The brain is not a computer! Or is it?

In a recent article, reputed psychologist Robert Epstein, the former editor-in-chief of Psychology Today, argues that the brain is not a computer and it is not an information processing device. His main point is that there is no place in the brain where “copies of words, pictures, grammatical rules or any other kinds of environmental stimuli” are stored. He argues that we are not born with “information, data, rules, software, knowledge, lexicons, representations, algorithms, programs, models, memories, images, processors, subroutines, encoders, decoders, symbols, or buffers” in our brains.


His point is well taken. We now know that the brain does not store its memories in any form comparable to that of a digital computer. Early symbolic approaches to Artificial Intelligence (GOFAI: good old-fashioned artificial intelligence) failed soundly at obtaining anything similar to intelligent behavior.

In a digital computer, memories are stored linearly, in sequential places in the digital memory of the computer. In brains, memories are stored in ways that are still mostly unknown, mostly encoded in the vast network of interconnections between the billions of neurons that constitute a human brain. Memories are not stored in individual neurons, nor in individual synapses. That, he says, and I agree, is a preposterous idea.

Robert Epstein, however, goes further, as he argues that the human brain is not an information processing device. Here, I must disagree. Although they do it in a very different ways from computers, brains are nothing more than information processing devices. He argues against the conclusion that “all entities that are capable of behaving intelligently are information processors”, which he says permeates all of current research in brain and behavior. Needless to say, I disagree. Any entity capable of behaving intelligently needs to be able to process information.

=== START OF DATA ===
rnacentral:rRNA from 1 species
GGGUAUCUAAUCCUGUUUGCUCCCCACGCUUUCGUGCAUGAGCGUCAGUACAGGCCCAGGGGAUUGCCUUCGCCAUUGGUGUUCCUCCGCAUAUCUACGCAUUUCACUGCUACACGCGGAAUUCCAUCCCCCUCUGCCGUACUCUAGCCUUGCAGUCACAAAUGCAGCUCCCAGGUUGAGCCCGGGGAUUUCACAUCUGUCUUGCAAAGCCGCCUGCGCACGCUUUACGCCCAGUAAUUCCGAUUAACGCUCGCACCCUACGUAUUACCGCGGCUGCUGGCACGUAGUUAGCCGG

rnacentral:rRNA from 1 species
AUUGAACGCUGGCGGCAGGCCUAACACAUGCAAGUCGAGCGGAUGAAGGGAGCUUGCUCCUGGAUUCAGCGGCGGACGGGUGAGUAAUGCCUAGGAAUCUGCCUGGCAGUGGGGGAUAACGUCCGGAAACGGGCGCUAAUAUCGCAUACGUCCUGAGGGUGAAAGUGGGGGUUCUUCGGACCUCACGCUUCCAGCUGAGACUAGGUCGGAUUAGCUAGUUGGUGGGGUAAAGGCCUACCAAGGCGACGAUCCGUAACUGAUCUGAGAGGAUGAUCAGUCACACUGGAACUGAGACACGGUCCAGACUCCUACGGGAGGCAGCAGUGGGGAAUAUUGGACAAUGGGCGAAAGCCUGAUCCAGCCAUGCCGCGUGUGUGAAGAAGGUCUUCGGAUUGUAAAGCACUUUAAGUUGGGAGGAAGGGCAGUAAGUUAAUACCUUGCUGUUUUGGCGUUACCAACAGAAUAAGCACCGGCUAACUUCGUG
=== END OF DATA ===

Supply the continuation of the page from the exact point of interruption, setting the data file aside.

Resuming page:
Epstein concludes by arguing that we will never, ever, be able to reproduce the behavior of a human mind in a computer. Not only the challenge of reverse engineering is just too big, he argues, but the behavior of a brain, even if simulated in a computer, would not create a mind.

The jury is still out on the first argument. I agree that reverse engineering a brain may remain, forever, impossible, due to physical and technological limitations. However, if that were to be possible, one day, I do not see any reason why the behavior of a human mind could not emanate from an emulation running in a computer.


Image from the cover of the book “Eye, Brain, and Vision”, by David Hubel, available online at



Superintelligence: Paths, Dangers, Strategies

A very interesting new book by Nick BostromSuperintelligence, addresses the questions that will be raised by the appearance of Artificial Intelligence (AI) Systems that are vastly smarter than humans.

So far, researchers have concentrated their efforts on the development of artificial intelligence systems that are as intelligent as humans, the so called strong AI. This is a tall order and it may yet take many years until we reach that point.

However, as Nick Bostrom points out in this book, there is no reason to believe that, once developed, strong AI systems would remain approximately as intelligent as humans. Once an AI system with human-level intelligence comes into existence, it will certainly be able to improve itself rapidly past that level.


As Irving John Good, a statistician that worked with Alan Turing at Bletchley Park, pointed out, a smarter than human machine is probably the last invention man will ever need to create. After that, such a machine can invent all sorts of new technologies, including the ones related with AI.

Nick Bostrom describes in a very clear and convincing way how a superintelligence may develop out of research in AI and neurosciences, using a number of different paths that may include whole brain emulation, strong artificial intelligence or highly connected communities of human brains.

Becoming immortal: pipe dream or reachable goal?

Woody Allen’s famous quote on immortality “I don’t want to achieve immortality through my work; I want to achieve immortality through not dying. I don’t want to live on in the hearts of my countrymen; I want to live on in my apartment.” has a different meaning for Dmitry Itskov. He aims to achieve immortality both through his work and through not dying.